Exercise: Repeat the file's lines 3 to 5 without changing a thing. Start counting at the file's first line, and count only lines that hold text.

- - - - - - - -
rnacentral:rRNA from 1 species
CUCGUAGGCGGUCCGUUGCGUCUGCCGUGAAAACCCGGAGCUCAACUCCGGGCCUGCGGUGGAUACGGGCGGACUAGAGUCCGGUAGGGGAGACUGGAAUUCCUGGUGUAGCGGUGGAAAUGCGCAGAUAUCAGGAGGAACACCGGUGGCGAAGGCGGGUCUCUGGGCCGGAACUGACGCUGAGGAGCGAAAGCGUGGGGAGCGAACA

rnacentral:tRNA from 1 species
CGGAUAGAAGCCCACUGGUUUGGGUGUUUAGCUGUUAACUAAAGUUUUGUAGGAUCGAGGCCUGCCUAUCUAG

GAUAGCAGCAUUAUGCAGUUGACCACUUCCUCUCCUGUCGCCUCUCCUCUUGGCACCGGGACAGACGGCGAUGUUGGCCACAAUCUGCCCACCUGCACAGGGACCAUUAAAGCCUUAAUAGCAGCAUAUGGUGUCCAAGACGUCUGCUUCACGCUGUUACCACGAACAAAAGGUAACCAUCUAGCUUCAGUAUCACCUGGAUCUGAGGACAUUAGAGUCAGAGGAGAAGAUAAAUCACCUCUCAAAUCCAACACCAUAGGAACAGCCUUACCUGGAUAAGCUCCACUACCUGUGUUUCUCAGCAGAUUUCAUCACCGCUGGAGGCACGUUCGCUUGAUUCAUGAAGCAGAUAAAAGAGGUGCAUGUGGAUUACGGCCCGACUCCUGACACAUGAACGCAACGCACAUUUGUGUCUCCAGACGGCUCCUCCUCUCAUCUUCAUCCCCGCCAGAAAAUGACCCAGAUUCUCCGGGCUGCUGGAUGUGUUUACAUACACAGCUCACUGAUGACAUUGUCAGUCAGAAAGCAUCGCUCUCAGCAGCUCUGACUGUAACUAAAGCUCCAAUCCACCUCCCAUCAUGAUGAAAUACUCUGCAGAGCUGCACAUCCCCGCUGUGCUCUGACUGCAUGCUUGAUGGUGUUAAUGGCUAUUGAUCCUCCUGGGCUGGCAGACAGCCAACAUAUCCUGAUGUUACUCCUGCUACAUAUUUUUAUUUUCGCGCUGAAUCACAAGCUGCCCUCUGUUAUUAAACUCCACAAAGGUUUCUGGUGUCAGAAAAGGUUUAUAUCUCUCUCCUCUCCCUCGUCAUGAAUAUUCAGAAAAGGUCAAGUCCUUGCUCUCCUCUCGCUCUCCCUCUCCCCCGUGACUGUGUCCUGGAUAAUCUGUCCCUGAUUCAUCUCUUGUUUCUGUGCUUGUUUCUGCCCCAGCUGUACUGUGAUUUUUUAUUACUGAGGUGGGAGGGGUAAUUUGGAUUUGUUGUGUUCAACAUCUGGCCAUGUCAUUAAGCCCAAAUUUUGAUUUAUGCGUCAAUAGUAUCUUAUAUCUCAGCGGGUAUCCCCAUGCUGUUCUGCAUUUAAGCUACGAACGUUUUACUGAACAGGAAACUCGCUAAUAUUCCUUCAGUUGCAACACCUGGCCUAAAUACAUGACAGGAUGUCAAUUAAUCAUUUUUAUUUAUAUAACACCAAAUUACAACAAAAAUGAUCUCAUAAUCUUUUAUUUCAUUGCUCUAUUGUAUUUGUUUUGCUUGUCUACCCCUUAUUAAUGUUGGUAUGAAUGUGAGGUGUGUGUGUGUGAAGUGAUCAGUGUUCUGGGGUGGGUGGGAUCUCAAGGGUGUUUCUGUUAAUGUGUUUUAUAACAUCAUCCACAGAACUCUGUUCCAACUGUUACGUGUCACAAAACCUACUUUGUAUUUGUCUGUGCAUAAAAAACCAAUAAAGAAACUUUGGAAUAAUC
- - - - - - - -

rnacentral:tRNA from 1 species
CGGAUAGAAGCCCACUGGUUUGGGUGUUUAGCUGUUAACUAAAGUUUUGUAGGAUCGAGGCCUGCCUAUCUAG

GAUAGCAGCAUUAUGCAGUUGACCACUUCCUCUCCUGUCGCCUCUCCUCUUGGCACCGGGACAGACGGCGAUGUUGGCCACAAUCUGCCCACCUGCACAGGGACCAUUAAAGCCUUAAUAGCAGCAUAUGGUGUCCAAGACGUCUGCUUCACGCUGUUACCACGAACAAAAGGUAACCAUCUAGCUUCAGUAUCACCUGGAUCUGAGGACAUUAGAGUCAGAGGAGAAGAUAAAUCACCUCUCAAAUCCAACACCAUAGGAACAGCCUUACCUGGAUAAGCUCCACUACCUGUGUUUCUCAGCAGAUUUCAUCACCGCUGGAGGCACGUUCGCUUGAUUCAUGAAGCAGAUAAAAGAGGUGCAUGUGGAUUACGGCCCGACUCCUGACACAUGAACGCAACGCACAUUUGUGUCUCCAGACGGCUCCUCCUCUCAUCUUCAUCCCCGCCAGAAAAUGACCCAGAUUCUCCGGGCUGCUGGAUGUGUUUACAUACACAGCUCACUGAUGACAUUGUCAGUCAGAAAGCAUCGCUCUCAGCAGCUCUGACUGUAACUAAAGCUCCAAUCCACCUCCCAUCAUGAUGAAAUACUCUGCAGAGCUGCACAUCCCCGCUGUGCUCUGACUGCAUGCUUGAUGGUGUUAAUGGCUAUUGAUCCUCCUGGGCUGGCAGACAGCCAACAUAUCCUGAUGUUACUCCUGCUACAUAUUUUUAUUUUCGCGCUGAAUCACAAGCUGCCCUCUGUUAUUAAACUCCACAAAGGUUUCUGGUGUCAGAAAAGGUUUAUAUCUCUCUCCUCUCCCUCGUCAUGAAUAUUCAGAAAAGGUCAAGUCCUUGCUCUCCUCUCGCUCUCCCUCUCCCCCGUGACUGUGUCCUGGAUAAUCUGUCCCUGAUUCAUCUCUUGUUUCUGUGCUUGUUUCUGCCCCAGCUGUACUGUGAUUUUUUAUUACUGAGGUGGGAGGGGUAAUUUGGAUUUGUUGUGUUCAACAUCUGGCCAUGUCAUUAAGCCCAAAUUUUGAUUUAUGCGUCAAUAGUAUCUUAUAUCUCAGCGGGUAUCCCCAUGCUGUUCUGCAUUUAAGCUACGAACGUUUUACUGAACAGGAAACUCGCUAAUAUUCCUUCAGUUGCAACACCUGGCCUAAAUACAUGACAGGAUGUCAAUUAAUCAUUUUUAUUUAUAUAACACCAAAUUACAACAAAAAUGAUCUCAUAAUCUUUUAUUUCAUUGCUCUAUUGUAUUUGUUUUGCUUGUCUACCCCUUAUUAAUGUUGGUAUGAAUGUGAGGUGUGUGUGUGUGAAGUGAUCAGUGUUCUGGGGUGGGUGGGAUCUCAAGGGUGUUUCUGUUAAUGUGUUUUAUAACAUCAUCCACAGAACUCUGUUCCAACUGUUACGUGUCACAAAACCUACUUUGUAUUUGUCUGUGCAUAAAAAACCAAUAAAGAAACUUUGGAAUAAUC